Murder Comes Gift-Wrapped

By Hy Conrad

There was something nice about old skyscrapers, he thought, especially during the holiday season. Detective Dan Tolinger paused in the lobby of the Prell Building to admire the huge wreaths. Sergeant Pulaski wouldn’t mind waiting a few extra seconds. Neither would the two patrolmen. Neither would the corpse.

Tolinger stepped out on the 27th floor to face the reception area of the Gotham Toy Company. He was also facing Sergeant Pulaski and a tallish man in his late thirties.

The tallish man was Jeremy Reade who introduced himself as one of the company’s two vice presidents. No, Reade corrected himself. The only vice president, now that Della Rigby had been bludgeoned to death by a “Sure-Hit” baseball bat.

“There were two recent burglaries on this floor,” Sergeant Pulaski said. “Laptop computer and two cameras. We were called in on both occasions and got no results. It looks like another robbery was in progress this morning. Ms. Rigby had the bad luck to walk in on the thief.”

Della Rigby was a smallish woman, barely covering the area rug in her private office. She was dressed in festive green and red, with a red halo of blood completing the ensemble.

“Della and I met at a jewelry store this morning to pick up an engraved Rolex for Mr. Gotham, the CEO. A Christmas present.”

“Expensive,” Tolinger muttered.

Reade smiled. “Della and I were both jockeying for the same promotion. We decided on a joint gift for Mr. Gotham. It’s better than competing with each other. Della dropped the jewelry box on her desk. Then we went into a conference room to discuss the Silly Sally shortage in the Midwest.”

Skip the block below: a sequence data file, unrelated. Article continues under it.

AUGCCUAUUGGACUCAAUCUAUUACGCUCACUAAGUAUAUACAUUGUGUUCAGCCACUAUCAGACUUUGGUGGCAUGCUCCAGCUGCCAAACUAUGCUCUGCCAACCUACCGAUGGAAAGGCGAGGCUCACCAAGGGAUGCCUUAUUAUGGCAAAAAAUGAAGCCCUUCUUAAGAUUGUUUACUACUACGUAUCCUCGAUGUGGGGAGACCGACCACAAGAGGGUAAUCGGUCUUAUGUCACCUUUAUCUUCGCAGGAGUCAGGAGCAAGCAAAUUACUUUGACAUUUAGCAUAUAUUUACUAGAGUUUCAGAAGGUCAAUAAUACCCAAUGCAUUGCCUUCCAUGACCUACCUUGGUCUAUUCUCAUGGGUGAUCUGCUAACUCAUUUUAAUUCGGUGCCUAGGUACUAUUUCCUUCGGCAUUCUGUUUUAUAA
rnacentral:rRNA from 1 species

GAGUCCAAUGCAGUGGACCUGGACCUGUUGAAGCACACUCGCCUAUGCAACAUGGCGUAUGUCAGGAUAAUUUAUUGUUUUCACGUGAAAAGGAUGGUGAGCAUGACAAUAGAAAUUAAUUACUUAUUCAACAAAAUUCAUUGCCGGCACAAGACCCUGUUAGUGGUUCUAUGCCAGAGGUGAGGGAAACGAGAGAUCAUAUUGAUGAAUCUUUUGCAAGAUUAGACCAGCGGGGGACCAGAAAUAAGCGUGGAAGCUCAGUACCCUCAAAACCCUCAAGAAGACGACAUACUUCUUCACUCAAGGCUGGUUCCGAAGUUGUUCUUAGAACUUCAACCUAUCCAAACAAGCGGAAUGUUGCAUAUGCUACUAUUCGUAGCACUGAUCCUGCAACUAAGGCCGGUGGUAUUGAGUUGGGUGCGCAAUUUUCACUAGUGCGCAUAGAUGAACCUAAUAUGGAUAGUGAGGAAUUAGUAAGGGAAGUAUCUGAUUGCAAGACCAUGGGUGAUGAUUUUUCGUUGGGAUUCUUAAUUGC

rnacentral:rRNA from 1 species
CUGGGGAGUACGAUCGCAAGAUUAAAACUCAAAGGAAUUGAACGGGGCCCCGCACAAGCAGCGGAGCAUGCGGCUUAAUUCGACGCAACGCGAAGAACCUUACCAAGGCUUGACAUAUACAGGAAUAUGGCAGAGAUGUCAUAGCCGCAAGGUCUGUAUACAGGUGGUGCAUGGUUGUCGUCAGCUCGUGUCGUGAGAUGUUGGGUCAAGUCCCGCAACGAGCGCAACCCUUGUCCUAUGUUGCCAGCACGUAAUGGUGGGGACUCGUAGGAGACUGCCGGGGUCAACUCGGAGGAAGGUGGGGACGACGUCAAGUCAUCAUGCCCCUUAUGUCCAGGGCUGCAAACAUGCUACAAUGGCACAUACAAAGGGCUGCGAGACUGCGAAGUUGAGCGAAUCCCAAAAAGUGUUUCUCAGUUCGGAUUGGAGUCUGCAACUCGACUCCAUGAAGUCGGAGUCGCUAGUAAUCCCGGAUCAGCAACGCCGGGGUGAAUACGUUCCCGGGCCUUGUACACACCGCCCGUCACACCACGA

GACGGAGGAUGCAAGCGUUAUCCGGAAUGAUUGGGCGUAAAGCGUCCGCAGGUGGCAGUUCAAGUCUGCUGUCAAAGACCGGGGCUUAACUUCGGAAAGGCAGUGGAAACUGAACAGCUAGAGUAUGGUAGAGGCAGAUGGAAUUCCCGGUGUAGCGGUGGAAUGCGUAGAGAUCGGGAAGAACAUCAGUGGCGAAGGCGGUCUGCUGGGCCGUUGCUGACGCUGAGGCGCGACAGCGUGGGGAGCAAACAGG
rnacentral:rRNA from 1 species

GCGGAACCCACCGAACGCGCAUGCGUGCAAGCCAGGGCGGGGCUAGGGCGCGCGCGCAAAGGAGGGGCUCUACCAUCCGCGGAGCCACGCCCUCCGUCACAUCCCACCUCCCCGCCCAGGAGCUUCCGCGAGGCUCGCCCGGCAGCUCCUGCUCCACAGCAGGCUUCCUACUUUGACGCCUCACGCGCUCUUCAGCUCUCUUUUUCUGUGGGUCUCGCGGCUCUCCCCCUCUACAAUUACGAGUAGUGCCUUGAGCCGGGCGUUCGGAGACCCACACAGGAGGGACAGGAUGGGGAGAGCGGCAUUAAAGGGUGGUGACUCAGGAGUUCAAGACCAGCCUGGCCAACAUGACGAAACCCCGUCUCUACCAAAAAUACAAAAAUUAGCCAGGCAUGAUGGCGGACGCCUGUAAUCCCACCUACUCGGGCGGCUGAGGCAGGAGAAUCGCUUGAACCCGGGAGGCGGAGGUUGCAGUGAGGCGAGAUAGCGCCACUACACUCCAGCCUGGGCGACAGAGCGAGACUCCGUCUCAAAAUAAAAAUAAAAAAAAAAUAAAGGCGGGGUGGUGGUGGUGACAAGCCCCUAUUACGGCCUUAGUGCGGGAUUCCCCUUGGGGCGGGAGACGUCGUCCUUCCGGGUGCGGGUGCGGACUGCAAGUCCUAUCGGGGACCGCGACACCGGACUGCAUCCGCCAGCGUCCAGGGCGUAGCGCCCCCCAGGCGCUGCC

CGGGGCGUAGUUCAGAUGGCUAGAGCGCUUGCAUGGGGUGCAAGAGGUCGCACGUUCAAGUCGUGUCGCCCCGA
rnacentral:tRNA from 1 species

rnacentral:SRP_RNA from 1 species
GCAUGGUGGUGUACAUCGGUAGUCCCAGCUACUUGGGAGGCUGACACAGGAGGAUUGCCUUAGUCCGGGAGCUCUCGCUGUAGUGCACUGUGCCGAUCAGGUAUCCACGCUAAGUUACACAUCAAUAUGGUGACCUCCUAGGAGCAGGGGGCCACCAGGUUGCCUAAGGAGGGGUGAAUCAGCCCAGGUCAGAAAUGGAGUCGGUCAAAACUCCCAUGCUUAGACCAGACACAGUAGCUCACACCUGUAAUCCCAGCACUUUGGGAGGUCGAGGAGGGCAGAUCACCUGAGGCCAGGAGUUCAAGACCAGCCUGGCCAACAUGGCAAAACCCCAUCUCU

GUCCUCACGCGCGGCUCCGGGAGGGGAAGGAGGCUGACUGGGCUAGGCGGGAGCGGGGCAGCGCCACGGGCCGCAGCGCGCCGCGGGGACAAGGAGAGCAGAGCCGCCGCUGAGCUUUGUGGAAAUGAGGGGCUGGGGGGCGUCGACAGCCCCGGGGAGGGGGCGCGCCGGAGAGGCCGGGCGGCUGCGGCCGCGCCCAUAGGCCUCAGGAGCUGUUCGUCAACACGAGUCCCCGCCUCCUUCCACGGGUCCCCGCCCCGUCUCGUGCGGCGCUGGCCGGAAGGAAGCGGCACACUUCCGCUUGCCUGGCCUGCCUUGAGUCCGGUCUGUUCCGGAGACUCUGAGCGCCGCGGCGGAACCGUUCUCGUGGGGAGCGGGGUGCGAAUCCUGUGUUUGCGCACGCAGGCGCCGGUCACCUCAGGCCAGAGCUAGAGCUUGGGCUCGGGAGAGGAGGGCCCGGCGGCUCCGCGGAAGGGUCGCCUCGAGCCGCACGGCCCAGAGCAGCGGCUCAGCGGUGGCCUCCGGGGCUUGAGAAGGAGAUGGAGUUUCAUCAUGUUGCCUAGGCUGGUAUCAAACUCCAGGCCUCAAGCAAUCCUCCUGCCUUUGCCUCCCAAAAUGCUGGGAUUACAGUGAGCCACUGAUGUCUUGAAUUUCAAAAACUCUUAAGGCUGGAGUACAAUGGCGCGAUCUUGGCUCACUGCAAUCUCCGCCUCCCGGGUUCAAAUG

“I take it that’s a doll.”

“Our best seller. Fifteen minutes after we started, Della went back to her office to retrieve some papers. That was the last I saw her alive.”

“Who discovered the body?”

“Lynn Grollier, her assistant.”

Lynn Grollier was in her cubicle, staring daggers at a patrolman who was searching every inch of her space. “You think she caught me stealing a dumb Christmas present and I killed her?”

“We think the killer took the watch,” Tolinger explained. “Did you happen to see the gift box on her desk?”

“Uh, yes,” Lynn admitted. “When I got here this morning, Jeremy and Della were already in the small conference room. I didn’t go into Della’s office, but I could see a small gift box on her desk, wrapped with a ribbon. I went into the big conference room to get things ready for the party.”